BOZEMAN — In his first trip to the interview podium after his first collegiate start, Jake Bleskin was asked at what point he finally got into the flow of Montana State’s 26-0 victory over Colorado Mesa.
“Tough to say. The first play was pretty good,” said Bleskin, the Bobcats’ new starting quarterback. “I don’t know. I (felt) pretty good from the beginning.
“I said this all week, but I had 10 studs with me on the field. I really had nothing to worry about.”
And it showed.
Bleskin went deep on the first play of the game, finding Jon Ellis for 44 yards to set tone for what was an effective (if unspectacular) offensive performance. But don’t let those early theatrics fool you. Bleskin doesn’t have that DeNarius McGhee-type flair.
Still, as we learned Saturday, he does have the innate ability to command an offense, make reads down the field and deliver the ball with accuracy. And that’s all he needs to do.
Losing McGhee to a shoulder separation in last week’s loss at SMU was never part of the Bobcats’ plan. But if ever there were a right time to lose their best player — for the sake of their season — that was it.
Three hundred and five yards and two touchdowns later, Bleskin has yet to be thrown to the flames. Colorado Mesa, which was impressive in a number of instances Saturday, was the perfect opponent for him in his first start.
With McGhee in a sling and looking on from the sideline, Bleskin had time to operate in the pocket against a Division II defense and utilize what appears to be his best asset: his smarts.
Almost defiantly, Bleskin refused to force the ball to his receivers when they weren’t open. He took a couple of sacks, he tucked the ball and ran, and he found second and third options when necessary. There were no happy feet or jittery throws.
Yeah, drives stalled. Yeah, third-down plays went unfulfilled. But Bleskin’s job is not to make plays when everything around him is falling apart, a la McGhee. His job is to run the offense, put the ball where it needs to go and, most important, not turn the ball over.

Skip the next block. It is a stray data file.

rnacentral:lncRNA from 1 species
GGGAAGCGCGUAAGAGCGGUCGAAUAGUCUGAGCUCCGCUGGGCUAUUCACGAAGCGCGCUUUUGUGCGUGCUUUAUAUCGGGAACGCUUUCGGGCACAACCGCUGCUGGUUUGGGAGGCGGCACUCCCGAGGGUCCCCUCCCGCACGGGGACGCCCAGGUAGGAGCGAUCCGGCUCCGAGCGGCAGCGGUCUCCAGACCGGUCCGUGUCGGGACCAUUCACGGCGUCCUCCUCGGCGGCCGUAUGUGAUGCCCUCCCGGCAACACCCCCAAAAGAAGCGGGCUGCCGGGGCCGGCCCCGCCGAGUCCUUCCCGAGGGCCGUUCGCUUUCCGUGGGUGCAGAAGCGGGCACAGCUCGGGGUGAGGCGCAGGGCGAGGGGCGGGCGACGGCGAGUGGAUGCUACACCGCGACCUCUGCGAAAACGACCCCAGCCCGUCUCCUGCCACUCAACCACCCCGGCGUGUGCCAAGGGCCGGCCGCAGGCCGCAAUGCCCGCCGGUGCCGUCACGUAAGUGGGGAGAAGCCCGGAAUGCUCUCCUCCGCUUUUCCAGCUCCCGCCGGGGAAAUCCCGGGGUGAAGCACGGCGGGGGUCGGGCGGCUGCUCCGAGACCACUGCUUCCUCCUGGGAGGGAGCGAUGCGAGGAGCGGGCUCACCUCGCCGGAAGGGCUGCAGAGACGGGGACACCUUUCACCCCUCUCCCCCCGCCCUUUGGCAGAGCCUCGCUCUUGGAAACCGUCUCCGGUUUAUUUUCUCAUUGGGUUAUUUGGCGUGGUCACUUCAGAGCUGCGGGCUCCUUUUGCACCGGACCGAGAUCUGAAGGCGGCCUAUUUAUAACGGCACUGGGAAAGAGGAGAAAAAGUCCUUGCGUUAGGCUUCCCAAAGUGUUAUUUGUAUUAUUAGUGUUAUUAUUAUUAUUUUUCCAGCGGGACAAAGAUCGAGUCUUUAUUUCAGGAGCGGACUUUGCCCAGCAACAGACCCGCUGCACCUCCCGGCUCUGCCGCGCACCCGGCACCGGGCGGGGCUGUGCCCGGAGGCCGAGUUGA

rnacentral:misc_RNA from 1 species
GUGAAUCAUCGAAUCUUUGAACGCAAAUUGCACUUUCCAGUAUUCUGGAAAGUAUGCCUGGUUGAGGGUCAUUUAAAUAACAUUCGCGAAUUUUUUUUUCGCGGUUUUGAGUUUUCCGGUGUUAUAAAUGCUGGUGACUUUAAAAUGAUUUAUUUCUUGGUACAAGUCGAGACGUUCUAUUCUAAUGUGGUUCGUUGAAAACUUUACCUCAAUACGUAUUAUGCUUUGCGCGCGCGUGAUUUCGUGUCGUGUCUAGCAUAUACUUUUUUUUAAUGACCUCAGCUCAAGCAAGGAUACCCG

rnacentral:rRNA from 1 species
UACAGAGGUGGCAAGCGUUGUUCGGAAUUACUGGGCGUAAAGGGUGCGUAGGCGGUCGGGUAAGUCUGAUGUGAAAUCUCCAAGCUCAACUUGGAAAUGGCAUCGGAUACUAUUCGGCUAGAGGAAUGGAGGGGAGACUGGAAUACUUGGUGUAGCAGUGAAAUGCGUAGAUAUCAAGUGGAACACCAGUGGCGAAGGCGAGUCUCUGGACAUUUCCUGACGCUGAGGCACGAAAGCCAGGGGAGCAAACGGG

“He protected the ball. We didn’t have any giveaways,” said Bobcats coach Rob Ash. “He pulled it down when it wasn’t there. He didn’t force anything. And I thought he played with an awful lot of maturity for a guy that was (making) his first start.”
Efficiency will be the name of Bleskin’s game for as long as he’s the starter. And that’s just fine. Don’t look now, but the Bobcats’ offense still hasn’t turned the ball over this season.
Consider it a blessing that Bleskin was able to get his feet wet against a D-II squad. There would have been much more pressure had he been forced into the lineup late in the season with a Big Sky Conference title hanging in the balance, perhaps against an Eastern Washington, a Southern Utah or a Montana.
There was some wiggle room, some margin for error against Colorado Mesa, just as there will be next week (albeit not as much) in another nonconference game at Stephen F. Austin.
This allows Bleskin to learn and grow. He can ease into the role as the leader of the offense.
“I fully trusted Jake,” said Bobcats wideout Brian Flotkoetter, who caught two touchdown passes. “I’ve been working with him for a couple years now. When I first got here he was my quarterback (with the second-team offense). Overall, we came out as an offense, put some points on the board and came away with the W.”
By the time the Bobcats really need Bleskin to be steady, once they get into the meat of their schedule, he’ll be sharper and more grounded than he was Saturday.
McGhee is still a long way from coming back. And it’s Bleskin’s job to keep the Bobcats rolling along against all comers.
One game in, they appear to be in pretty good hands.